The old farrier messaged me last night wanting an update. She has always been so helpful with him (even pet sitting for us when we go out of town) so I am sure part of it is just her caring personality but I am sure she also feels a sense of responsibility and guilt. I told her I don't understand how even if this is an abscess or unbalanced hooves how that would explain the dropped fetlocks. She had a good point to that - he's a retired barrel racer, so it may have been an old injury that was aggravated by the wrapping. That makes a lot of sense to me.
 

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Discussion Starter #69
Farrier came today. I was at work but husband handled it. Got an update from both farrier and husband after.

She looked him over and deemed shoes but not pads necessary. She trimmed his front feet while the furnace heated up. He’s normally an angel getting trimmed; she thinks he must have had some bad showing experiences because he was very fearful of the furnace and the tools. Makes me so sad. She got the front shoes fitted but couldn’t get them on him. She thinks partly because of fear and partly because of how much pain he’s in. She requested we get a very mild sedative from the vet and she come back next week. I wish they would have called me because I already had some on hand and could have told them.

She said that the previous farrier hasn’t done a bad job per se, she just never took enough. She said he can stand to lose about 1/2 inch of wall. His frogs and bars are over grown. His toes are so forward he’s walking in heel bulbs and that’s giving the appearance of DSLD. He’s been walking on his walls so hard they have folded under in parts and everything combed has created a magnificent breeding ground for thrush.

Having this feedback and knowing it can be fixed has me feeling very optimistic. I firmly believe we can get this under control once she’s managed to trim.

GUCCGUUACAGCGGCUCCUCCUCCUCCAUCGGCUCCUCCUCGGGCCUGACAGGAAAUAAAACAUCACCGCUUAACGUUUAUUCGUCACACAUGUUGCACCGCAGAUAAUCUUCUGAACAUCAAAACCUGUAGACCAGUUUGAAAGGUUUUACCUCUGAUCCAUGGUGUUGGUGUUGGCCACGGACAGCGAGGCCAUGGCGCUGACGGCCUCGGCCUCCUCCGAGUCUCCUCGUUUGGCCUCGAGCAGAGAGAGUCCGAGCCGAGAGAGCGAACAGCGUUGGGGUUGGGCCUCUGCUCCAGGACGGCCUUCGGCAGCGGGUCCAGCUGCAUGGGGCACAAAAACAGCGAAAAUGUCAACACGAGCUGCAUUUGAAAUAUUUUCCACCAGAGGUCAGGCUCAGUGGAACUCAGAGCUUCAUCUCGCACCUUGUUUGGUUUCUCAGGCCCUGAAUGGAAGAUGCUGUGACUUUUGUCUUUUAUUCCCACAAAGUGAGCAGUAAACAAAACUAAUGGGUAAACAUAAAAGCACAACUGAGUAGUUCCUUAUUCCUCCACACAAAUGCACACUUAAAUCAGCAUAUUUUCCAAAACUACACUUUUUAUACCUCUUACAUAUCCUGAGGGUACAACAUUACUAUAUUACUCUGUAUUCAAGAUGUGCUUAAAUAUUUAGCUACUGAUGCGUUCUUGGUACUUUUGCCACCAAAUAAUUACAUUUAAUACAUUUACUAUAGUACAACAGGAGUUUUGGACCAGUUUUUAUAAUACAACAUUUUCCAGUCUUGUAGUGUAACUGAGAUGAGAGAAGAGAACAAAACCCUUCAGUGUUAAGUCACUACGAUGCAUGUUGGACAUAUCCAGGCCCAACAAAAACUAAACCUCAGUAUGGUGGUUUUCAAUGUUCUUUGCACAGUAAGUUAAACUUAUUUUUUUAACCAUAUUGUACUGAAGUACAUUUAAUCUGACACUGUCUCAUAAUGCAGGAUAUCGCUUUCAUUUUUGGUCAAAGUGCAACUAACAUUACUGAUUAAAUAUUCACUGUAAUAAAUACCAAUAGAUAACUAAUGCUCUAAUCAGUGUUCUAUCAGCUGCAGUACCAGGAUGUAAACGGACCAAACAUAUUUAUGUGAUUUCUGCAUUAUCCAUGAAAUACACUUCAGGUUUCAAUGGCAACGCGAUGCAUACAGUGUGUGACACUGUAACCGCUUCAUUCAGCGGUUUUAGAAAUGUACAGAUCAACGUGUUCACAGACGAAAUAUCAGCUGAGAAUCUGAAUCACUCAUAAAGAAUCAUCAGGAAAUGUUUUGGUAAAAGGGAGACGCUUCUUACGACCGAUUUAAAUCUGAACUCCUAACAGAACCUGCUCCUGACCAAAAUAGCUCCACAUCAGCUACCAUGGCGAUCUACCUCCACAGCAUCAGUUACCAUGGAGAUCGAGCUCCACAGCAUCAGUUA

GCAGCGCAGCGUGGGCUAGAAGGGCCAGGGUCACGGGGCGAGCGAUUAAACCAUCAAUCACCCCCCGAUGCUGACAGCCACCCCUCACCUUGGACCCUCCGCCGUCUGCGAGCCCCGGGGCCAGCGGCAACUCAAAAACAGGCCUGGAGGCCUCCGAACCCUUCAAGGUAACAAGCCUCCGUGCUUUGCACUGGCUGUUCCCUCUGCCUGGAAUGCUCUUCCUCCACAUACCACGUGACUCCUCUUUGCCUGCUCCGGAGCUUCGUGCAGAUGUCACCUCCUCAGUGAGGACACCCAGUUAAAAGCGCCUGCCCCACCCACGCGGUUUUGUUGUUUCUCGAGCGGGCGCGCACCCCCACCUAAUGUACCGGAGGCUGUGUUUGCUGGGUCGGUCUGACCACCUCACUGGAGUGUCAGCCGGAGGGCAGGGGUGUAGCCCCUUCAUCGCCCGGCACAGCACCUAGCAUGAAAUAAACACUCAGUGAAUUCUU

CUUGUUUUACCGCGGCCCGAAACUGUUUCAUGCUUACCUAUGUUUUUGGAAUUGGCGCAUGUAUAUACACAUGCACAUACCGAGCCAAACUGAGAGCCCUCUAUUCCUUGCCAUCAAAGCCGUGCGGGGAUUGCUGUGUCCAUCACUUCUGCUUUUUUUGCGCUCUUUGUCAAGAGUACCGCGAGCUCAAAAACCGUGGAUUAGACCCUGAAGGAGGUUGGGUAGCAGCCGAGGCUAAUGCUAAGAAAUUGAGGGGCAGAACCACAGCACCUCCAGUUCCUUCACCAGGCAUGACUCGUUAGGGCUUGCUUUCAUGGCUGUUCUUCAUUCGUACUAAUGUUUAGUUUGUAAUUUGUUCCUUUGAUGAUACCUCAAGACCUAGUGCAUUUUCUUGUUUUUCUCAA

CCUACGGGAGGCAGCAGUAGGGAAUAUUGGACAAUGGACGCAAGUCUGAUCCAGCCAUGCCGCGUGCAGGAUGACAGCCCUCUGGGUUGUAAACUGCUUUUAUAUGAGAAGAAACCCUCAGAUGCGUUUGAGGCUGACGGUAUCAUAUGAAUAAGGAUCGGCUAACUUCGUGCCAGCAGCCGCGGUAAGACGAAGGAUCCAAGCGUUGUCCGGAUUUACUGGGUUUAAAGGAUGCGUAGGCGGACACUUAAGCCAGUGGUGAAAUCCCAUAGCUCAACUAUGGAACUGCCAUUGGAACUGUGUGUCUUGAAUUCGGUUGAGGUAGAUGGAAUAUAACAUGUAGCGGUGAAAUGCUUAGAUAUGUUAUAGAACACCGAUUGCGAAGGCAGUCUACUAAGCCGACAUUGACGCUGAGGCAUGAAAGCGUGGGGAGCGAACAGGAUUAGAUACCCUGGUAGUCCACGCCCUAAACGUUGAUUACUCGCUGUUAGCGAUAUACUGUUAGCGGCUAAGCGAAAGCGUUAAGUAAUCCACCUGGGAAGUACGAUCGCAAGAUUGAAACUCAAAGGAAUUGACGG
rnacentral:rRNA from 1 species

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Things are looking up:)

Did the new farrier mention anything about using glue on shoes, since he's so fearful of the whole shoeing process and nailing is probably too painful, even with Bute or sedating him?

My farrier gave the Sigafoos glue-ons some consideration but nixed the idea. I think it was because he does deal with Whiteline and she was afraid the glue would exacerbate it.

They may not be a good option for you because of the thrush, but here's the link if you want to look at them:)

https://soundhorse.com
 

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Red has corrective shoes put on yesterday. He is a different animal!! He’s running around the pasture, walking with purpose etc. He usually never runs unless he’s scared. The difference has been astounding!
YAY!!!:runninghorse2::runninghorse2:

Great news but you know some of us like details, lollol.

What kind of shoes?

What is she attempting to correct?

Did she change something regarding the trim?

Pads or no pads?

What are your follow up care instructions, if any?:smile::smile:
 

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Discussion Starter #74
I was at work when it took place so I didn't have a ton of info. My husband knows nothing and asked no questions :think:

I spoke with her this morning so she could fill me in.

She said he actually doesn't have much thrush at all left after she trimmed back all the excess stuff. YAY!

He has so little foot she wasn't able to do much corrective trimming beyond taking off all the stuff that should have been removed previously. Bringing his toe back and his heels down instead of forward is something she hopes to correct as we go.

He is in super basic keg shoes, she didn't end up using corrective shoes or pads. She anticipates him being in shoes for about six months or so and wants to put new ones on every 6 weeks.

OH and he has such soft thin soles and exposed heel bulbs, she recommends no more soaking.
 

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That is great news about the thrush!:)

Did she say anything about a hoof hardener for the soles?

Keretex works great for me, others prefer Durasole, but neither of these products should be put on the fleshy parts of the hoof:)